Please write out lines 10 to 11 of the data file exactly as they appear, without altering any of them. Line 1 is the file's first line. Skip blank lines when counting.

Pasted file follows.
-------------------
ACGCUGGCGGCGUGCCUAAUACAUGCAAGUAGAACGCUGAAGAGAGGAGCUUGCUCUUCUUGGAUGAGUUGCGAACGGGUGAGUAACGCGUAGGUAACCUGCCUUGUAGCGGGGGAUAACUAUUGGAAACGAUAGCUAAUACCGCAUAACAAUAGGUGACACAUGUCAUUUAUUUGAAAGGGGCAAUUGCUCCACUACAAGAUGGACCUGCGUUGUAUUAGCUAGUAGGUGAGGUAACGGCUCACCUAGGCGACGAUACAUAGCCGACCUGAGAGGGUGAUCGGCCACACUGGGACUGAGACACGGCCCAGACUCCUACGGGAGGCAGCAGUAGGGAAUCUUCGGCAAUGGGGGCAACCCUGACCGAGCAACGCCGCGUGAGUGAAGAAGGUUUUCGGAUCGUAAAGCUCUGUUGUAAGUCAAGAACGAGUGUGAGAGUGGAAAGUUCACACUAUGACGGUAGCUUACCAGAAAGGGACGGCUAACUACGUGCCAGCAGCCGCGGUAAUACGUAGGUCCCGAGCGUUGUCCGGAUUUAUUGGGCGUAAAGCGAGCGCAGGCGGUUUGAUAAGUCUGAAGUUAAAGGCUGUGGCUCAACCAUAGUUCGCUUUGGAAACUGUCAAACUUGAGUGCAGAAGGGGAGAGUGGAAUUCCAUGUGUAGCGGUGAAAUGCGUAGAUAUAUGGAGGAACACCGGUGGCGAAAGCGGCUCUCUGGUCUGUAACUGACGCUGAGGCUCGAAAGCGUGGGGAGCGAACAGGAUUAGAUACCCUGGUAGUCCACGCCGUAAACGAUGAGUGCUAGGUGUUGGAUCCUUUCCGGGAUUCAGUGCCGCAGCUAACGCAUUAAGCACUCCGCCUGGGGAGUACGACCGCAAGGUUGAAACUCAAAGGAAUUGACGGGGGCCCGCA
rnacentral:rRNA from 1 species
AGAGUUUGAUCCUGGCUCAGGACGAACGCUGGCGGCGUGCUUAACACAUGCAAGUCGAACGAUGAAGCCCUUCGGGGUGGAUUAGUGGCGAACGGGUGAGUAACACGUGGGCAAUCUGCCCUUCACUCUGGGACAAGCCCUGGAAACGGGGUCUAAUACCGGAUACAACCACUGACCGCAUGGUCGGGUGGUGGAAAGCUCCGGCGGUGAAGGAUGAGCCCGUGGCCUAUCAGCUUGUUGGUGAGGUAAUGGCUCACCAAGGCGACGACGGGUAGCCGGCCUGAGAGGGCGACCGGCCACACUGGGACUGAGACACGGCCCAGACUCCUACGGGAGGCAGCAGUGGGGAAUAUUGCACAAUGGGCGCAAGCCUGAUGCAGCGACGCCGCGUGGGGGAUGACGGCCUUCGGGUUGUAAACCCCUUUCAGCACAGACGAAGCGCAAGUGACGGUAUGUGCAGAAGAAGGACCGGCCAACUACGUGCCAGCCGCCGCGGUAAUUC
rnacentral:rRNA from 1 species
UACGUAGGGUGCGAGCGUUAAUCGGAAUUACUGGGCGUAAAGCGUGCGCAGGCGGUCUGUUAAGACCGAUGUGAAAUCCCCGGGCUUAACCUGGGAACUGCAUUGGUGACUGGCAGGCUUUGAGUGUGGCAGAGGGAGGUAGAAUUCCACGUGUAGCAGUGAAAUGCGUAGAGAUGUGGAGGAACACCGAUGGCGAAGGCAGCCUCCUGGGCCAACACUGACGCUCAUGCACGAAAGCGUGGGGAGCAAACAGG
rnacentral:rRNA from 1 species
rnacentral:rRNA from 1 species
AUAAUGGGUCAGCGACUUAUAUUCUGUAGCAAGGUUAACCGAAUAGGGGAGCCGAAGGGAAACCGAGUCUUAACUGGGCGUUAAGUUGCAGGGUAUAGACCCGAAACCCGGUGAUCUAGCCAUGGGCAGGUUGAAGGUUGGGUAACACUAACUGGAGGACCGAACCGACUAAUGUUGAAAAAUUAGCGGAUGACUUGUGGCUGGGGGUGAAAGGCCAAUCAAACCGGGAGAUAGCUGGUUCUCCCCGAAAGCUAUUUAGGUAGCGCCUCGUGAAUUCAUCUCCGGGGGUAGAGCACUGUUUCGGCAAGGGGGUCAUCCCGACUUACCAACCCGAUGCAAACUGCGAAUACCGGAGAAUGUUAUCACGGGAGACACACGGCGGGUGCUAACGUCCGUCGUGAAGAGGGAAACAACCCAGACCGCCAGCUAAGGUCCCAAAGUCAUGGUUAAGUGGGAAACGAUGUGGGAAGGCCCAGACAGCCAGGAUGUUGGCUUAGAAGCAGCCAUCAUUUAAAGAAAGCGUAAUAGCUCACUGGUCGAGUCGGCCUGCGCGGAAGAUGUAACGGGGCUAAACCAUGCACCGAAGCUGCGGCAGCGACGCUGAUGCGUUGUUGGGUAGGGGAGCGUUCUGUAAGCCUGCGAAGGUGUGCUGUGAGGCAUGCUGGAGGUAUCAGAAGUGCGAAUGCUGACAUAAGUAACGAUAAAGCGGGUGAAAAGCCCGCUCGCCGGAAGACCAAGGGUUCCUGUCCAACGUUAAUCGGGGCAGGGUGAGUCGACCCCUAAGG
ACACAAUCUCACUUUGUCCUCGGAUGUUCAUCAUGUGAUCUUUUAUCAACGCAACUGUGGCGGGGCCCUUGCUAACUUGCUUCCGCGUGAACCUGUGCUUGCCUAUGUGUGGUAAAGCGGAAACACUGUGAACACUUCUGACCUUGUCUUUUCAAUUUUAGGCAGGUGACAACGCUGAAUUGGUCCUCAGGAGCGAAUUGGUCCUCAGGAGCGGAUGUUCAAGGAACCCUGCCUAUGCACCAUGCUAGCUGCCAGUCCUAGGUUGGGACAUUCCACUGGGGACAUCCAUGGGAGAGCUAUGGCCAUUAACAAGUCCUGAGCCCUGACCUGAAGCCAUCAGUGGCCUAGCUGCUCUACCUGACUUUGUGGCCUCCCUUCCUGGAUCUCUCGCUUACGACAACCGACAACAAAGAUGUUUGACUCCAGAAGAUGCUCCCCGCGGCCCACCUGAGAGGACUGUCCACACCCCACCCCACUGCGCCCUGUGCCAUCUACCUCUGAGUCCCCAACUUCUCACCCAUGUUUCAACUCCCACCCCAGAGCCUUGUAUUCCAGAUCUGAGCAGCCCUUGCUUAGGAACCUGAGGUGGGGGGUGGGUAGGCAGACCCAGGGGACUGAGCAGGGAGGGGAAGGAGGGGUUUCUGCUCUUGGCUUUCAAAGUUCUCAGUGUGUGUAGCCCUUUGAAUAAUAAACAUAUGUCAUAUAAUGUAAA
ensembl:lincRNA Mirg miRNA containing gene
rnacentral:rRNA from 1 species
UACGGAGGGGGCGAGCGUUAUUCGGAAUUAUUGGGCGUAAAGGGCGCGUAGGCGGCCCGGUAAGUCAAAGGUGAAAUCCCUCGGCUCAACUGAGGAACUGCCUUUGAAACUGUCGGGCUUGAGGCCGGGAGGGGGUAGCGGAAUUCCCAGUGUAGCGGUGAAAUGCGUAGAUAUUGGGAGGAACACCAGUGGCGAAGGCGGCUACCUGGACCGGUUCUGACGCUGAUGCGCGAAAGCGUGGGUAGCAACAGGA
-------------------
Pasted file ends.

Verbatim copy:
ensembl:lincRNA Mirg miRNA containing gene
rnacentral:rRNA from 1 species